Time It Took for (e)merge to Get Decadent: Three Hours
Nobody wanted to look Avery Lawrence in the eye last night—not one of the dozen or so people crammed into the hotel room exhibiting his work, at the opening party for the (e)merge art fair at the Capitol Skyline Hotel.
They were looking at him, of course, but in video form, projected onto a wall, dragging pieces of timber across a field. The room smelled like wood.
Yet against the wall facing the window, there was the real-life Lawrence, helmet strapped to his head, timber strapped to his back, his feet moving on a treadmill. He stared forward, impassively, with Ken-doll composure. If it was freaking people out, they played it off by staring at anything but him. Which meant him. As video art. Inches from the real him.
This was in the hotel room booked by D.C.'s Heiner Contemporary Art, one of dozens of galleries lining the second and third floor of the chic Morris Lapidus–designed Capitol Skyline. There's more art filling rooms off of the first-floor lobby, and below that, in the parking garage, more galleries and unrepresented artists still. When the fair announced its lineup in August, I was disappointed to see it tilt so heavily toward local names, with just a smattering of international participants. But you had to admit last night: (e)merge has come together quite slickly.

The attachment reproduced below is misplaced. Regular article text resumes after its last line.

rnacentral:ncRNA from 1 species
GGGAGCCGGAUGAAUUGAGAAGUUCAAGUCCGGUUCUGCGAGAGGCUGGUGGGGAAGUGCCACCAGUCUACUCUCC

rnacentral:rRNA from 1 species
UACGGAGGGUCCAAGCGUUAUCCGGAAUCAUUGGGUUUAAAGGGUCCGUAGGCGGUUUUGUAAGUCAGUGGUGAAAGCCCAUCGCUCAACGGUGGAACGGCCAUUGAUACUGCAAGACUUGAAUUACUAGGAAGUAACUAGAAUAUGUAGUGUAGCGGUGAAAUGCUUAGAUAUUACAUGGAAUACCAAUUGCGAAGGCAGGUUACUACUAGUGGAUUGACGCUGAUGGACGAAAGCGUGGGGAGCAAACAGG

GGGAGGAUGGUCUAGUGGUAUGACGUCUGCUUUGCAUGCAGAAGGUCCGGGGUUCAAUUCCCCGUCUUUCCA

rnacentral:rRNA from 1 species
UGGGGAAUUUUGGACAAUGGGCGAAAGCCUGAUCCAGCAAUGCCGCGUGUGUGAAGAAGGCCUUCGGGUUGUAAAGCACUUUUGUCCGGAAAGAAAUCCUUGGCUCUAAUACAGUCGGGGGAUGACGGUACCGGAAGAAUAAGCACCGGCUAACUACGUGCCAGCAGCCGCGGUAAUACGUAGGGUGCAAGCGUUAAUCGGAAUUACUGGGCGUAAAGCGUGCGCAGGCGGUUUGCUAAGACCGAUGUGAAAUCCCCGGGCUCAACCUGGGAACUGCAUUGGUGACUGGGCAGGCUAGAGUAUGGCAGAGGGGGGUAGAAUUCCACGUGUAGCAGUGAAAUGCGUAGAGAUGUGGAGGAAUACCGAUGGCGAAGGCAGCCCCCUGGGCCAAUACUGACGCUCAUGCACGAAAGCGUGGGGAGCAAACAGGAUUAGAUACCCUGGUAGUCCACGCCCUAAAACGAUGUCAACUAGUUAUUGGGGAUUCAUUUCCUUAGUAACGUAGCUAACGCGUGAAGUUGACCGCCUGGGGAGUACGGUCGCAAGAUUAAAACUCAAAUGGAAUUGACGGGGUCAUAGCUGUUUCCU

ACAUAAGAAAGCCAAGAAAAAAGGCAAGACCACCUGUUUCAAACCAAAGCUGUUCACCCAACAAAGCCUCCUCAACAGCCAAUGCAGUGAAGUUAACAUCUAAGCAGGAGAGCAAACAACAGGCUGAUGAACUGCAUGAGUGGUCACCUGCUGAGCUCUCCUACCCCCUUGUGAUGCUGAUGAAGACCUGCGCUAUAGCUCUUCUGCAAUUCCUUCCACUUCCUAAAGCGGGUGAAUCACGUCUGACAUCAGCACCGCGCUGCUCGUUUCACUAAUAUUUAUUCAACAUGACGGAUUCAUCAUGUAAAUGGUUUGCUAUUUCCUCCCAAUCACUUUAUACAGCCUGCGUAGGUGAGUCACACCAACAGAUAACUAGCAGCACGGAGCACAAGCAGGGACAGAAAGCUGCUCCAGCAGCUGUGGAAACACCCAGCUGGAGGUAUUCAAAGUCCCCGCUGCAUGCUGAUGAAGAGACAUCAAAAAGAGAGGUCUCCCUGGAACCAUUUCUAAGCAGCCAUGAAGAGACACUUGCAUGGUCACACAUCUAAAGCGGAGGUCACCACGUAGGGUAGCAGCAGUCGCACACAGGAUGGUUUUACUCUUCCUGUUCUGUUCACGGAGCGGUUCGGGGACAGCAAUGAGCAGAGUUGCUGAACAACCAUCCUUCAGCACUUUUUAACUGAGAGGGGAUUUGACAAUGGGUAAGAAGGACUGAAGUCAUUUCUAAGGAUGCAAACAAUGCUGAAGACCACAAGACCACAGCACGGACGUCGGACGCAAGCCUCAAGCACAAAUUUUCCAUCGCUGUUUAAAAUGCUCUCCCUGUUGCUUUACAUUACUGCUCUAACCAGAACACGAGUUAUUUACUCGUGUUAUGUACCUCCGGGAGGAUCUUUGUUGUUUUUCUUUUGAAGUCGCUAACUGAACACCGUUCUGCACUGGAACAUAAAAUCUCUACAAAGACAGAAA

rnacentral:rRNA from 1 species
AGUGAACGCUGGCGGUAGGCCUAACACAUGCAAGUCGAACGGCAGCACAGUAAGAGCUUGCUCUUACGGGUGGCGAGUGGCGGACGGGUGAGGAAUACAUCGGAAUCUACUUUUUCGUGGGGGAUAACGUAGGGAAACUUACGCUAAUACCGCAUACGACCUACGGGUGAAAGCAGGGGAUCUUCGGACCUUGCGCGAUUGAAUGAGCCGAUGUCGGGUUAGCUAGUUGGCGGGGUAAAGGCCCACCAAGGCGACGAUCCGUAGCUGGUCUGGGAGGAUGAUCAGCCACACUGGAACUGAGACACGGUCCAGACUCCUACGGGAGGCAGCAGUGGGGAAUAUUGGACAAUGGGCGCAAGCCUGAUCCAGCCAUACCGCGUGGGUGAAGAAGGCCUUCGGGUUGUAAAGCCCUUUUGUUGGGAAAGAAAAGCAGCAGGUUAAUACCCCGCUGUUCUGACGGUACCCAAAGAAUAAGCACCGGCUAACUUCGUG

The parking-garage is the fair's more playful half: There's a hefty plot curated by street-art purveyor Art Whino, and the dominant theme therein seems to be...pandas. And not far from there, fair-goers can hop on a shaking chicken or beef cut, just like one of those quarter rides you see in shopping malls. Upstairs, some galleries used their hotel rooms imaginatively, and others employed them like typical, if tiny, white cubes.
I didn't linger long in either area—the booze lines were long outside, and the band was about to go on. In front of me, a well-dressed old woman with blue hair ordered a vodka and sugar-free Red Bull.
LouLou and the Disappointer Sisters is a four-piece, assembled for the occasion, featuring the eponymous singer from Thievery Corporation as well as Fugazi fifth man Jerry Busher on drums. Often, songs began with harsh, Tangerine Dream-like intros before blossoming into spiky yeh-yeh grooves, with Loulou Ghelichkhani singing in French. Like Thievery Corporation, this was mood music: Weird, catchy, and in this case evoking art-world cool. I'd love to hear a recording.
I left around 10 p.m., right around when the fete was really getting started. Some folks had just invaded the pool. That's all you can really ask of a Capitol Skyline party.
(e)merge runs all weekend at Capitol Skyline. There's also a free shuttle between (e)merge, But Is It Art?, and The Fridge gallery. We'll have more—from actual art critics!—all weekend on Arts Desk.
Photo by Matt Dunn